;-), would that be difficult to change this caching mechanism to allow
update and reuse of an existing cache ?

Thanks for your help
Christophe

christophe wrote:

> The problem is that I will have hundreds of users doing queries, and a
> continuous flow of document coming in.
> So a delay in warming up a cache "could" be acceptable if I do it a
> few times per day. But not on a too regular basis (right now, the
> first query that loads the cache takes 150s).
>
> However: I'm not sure why it looks not to be a good idea to update the
> caches when updates are committed ? Any centralized cache (memcached
> is a good one) that is maintained up to date by the update/commit
> process would be great. Config options could then let to the user to
> decide if the cache is shared between servers or not. Creating a new
> cache and then swap it will double the necessary memory.
>
> I also have a related questions regarding readers: a new reader is
> opened when documents are committed. And the cache is associated with
> the reader (if I got it right). Are all user requests served by this
> reader ? How does that scale if I have many concurrent users ?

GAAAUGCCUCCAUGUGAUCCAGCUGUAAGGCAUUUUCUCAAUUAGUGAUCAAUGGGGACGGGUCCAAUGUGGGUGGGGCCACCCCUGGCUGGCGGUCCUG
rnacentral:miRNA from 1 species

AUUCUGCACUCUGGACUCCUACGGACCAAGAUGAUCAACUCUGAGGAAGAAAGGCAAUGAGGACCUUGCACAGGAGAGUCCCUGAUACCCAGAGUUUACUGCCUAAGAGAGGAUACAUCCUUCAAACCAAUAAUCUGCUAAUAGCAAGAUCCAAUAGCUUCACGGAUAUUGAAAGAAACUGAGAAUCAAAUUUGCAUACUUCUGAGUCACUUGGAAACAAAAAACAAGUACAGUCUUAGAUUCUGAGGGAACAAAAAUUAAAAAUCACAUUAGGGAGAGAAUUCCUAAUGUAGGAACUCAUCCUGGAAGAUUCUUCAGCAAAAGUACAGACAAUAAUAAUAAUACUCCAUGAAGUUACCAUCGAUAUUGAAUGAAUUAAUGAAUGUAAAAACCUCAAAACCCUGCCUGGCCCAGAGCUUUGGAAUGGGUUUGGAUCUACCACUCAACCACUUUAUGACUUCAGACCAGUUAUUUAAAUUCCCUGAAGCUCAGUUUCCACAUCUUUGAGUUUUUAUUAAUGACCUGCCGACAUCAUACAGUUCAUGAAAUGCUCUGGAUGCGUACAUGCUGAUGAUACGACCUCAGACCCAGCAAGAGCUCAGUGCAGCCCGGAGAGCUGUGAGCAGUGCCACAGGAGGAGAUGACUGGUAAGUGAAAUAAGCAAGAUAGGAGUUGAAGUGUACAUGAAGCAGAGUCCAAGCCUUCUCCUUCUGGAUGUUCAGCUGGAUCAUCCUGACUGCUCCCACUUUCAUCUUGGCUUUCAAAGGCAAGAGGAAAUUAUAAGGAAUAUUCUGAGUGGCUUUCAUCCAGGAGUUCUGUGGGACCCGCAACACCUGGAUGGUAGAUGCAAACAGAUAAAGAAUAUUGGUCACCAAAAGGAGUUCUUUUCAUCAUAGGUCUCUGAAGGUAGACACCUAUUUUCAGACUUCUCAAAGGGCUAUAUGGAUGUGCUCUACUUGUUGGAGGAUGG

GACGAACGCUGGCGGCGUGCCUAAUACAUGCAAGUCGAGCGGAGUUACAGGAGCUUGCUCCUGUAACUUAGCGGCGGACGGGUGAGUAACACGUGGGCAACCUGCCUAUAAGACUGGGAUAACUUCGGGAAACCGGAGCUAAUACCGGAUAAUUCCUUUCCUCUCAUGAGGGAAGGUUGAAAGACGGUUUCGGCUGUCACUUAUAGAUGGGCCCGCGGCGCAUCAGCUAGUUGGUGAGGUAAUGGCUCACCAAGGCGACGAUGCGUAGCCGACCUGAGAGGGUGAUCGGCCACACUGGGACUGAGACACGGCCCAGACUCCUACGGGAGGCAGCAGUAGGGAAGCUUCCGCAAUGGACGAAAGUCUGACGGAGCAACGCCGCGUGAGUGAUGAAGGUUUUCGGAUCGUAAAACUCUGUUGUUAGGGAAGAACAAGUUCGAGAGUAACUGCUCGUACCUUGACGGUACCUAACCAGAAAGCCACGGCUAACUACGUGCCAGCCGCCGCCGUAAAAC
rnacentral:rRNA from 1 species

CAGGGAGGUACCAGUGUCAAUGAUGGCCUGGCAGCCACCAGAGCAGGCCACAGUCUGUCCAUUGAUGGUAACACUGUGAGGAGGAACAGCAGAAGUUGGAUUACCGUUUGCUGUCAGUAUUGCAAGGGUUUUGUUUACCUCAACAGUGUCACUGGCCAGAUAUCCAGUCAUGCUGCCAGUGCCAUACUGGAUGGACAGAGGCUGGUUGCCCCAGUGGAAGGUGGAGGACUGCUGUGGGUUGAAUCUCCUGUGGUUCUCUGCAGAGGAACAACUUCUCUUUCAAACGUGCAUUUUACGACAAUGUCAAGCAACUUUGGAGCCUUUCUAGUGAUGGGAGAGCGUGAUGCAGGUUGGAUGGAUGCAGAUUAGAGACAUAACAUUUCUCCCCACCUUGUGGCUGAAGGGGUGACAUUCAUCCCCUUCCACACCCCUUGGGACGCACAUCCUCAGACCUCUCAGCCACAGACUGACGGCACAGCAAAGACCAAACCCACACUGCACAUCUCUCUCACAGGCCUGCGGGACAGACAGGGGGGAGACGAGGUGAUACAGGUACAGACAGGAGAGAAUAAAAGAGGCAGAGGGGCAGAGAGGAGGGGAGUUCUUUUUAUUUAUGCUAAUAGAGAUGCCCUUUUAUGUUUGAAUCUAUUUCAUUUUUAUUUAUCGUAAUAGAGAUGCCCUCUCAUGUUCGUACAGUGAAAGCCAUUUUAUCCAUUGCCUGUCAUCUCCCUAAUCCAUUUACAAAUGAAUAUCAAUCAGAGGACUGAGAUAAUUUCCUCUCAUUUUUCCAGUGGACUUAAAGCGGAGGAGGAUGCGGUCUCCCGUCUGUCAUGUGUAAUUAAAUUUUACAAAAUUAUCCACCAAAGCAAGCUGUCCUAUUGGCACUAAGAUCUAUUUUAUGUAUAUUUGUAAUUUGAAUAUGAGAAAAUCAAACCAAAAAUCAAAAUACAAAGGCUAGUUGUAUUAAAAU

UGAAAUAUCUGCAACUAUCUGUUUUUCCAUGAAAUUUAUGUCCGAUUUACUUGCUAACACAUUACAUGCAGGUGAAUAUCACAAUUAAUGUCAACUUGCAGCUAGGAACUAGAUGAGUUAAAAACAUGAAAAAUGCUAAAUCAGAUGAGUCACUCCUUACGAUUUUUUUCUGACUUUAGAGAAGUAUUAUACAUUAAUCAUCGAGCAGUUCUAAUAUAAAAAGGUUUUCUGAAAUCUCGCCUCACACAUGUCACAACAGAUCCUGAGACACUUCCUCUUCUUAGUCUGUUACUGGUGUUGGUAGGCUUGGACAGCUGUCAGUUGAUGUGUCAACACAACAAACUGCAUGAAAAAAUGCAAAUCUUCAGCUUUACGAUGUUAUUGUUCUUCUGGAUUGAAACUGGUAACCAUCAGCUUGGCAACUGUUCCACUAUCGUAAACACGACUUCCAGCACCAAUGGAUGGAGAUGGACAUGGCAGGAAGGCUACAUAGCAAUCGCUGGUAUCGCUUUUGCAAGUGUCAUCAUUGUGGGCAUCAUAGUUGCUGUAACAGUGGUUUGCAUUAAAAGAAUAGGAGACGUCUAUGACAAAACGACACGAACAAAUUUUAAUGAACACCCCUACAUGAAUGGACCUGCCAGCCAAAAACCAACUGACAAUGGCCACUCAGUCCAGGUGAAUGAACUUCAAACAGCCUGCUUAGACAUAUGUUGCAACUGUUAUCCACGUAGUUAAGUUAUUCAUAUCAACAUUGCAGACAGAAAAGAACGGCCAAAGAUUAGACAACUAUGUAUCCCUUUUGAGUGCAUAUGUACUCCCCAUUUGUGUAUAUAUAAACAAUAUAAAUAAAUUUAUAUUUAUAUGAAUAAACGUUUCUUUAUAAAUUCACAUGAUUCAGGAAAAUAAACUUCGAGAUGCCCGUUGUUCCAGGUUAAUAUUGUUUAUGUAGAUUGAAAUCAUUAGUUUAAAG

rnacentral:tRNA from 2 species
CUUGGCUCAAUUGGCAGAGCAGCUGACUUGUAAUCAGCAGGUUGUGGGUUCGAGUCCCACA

>
> C.
>
> Norberto Meijome wrote:
>> On Mon, 20 Oct 2008 16:28:23 +0300
>> christophe <[hidden email]> wrote:
>>
>>  
>>> Hum..... this mean I have to wait before I index new documents and
>>> avoid indexing when they are created (I have about 50 000 new
>>> documents created each day and I was planning to make those
>>> searchable ASAP).
>>>    
>>
>> you can always index + optimize out of band in a 'master' / RW server
>> , and
>> then send the updated index to your slave (the one actually serving the
>> requests).
>> This *will NOT* remove the need to refresh your cache, but it will
>> remove any
>> delay introduced by commit/indexing + optimise.
>>
>>  
>>> Too bad there is no way to have a centralized cache that can be
>>> shared AND updated when new documents are created.
>>>    
>>
>> hmm not sure it makes sense like that... but maybe along the lines of
>> having an
>> active cache that is used to serve queries, and new ones being
>> prepared, and
>> then swapped when ready.
>> Speaking of which (or not :P) , has anyone thought about / done any
>> work on
>> using memcached for these internal solr caches? I guess it would make
>> sense for
>> setups with several slaves ( or even a master updating memcached